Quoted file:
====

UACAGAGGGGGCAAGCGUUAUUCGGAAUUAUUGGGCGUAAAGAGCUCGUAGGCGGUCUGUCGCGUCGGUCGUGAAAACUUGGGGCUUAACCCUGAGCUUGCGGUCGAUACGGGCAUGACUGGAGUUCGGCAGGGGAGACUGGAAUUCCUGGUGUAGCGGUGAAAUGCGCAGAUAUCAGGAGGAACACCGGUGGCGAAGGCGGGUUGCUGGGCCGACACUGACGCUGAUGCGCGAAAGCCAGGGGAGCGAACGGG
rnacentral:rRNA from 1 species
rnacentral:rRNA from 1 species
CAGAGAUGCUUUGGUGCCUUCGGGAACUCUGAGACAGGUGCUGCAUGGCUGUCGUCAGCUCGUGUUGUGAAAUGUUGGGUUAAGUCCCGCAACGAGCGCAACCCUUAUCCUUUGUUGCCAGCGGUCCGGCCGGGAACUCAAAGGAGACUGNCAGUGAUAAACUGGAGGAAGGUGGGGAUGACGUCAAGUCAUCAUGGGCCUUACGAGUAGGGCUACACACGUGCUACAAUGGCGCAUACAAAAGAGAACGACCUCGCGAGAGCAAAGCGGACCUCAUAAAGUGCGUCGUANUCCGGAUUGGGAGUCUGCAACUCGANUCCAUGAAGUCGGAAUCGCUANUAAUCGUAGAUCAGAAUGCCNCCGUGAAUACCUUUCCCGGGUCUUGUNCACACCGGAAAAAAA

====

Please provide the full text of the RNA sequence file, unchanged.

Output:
UACAGAGGGGGCAAGCGUUAUUCGGAAUUAUUGGGCGUAAAGAGCUCGUAGGCGGUCUGUCGCGUCGGUCGUGAAAACUUGGGGCUUAACCCUGAGCUUGCGGUCGAUACGGGCAUGACUGGAGUUCGGCAGGGGAGACUGGAAUUCCUGGUGUAGCGGUGAAAUGCGCAGAUAUCAGGAGGAACACCGGUGGCGAAGGCGGGUUGCUGGGCCGACACUGACGCUGAUGCGCGAAAGCCAGGGGAGCGAACGGG
rnacentral:rRNA from 1 species
rnacentral:rRNA from 1 species
CAGAGAUGCUUUGGUGCCUUCGGGAACUCUGAGACAGGUGCUGCAUGGCUGUCGUCAGCUCGUGUUGUGAAAUGUUGGGUUAAGUCCCGCAACGAGCGCAACCCUUAUCCUUUGUUGCCAGCGGUCCGGCCGGGAACUCAAAGGAGACUGNCAGUGAUAAACUGGAGGAAGGUGGGGAUGACGUCAAGUCAUCAUGGGCCUUACGAGUAGGGCUACACACGUGCUACAAUGGCGCAUACAAAAGAGAACGACCUCGCGAGAGCAAAGCGGACCUCAUAAAGUGCGUCGUANUCCGGAUUGGGAGUCUGCAACUCGANUCCAUGAAGUCGGAAUCGCUANUAAUCGUAGAUCAGAAUGCCNCCGUGAAUACCUUUCCCGGGUCUUGUNCACACCGGAAAAAAA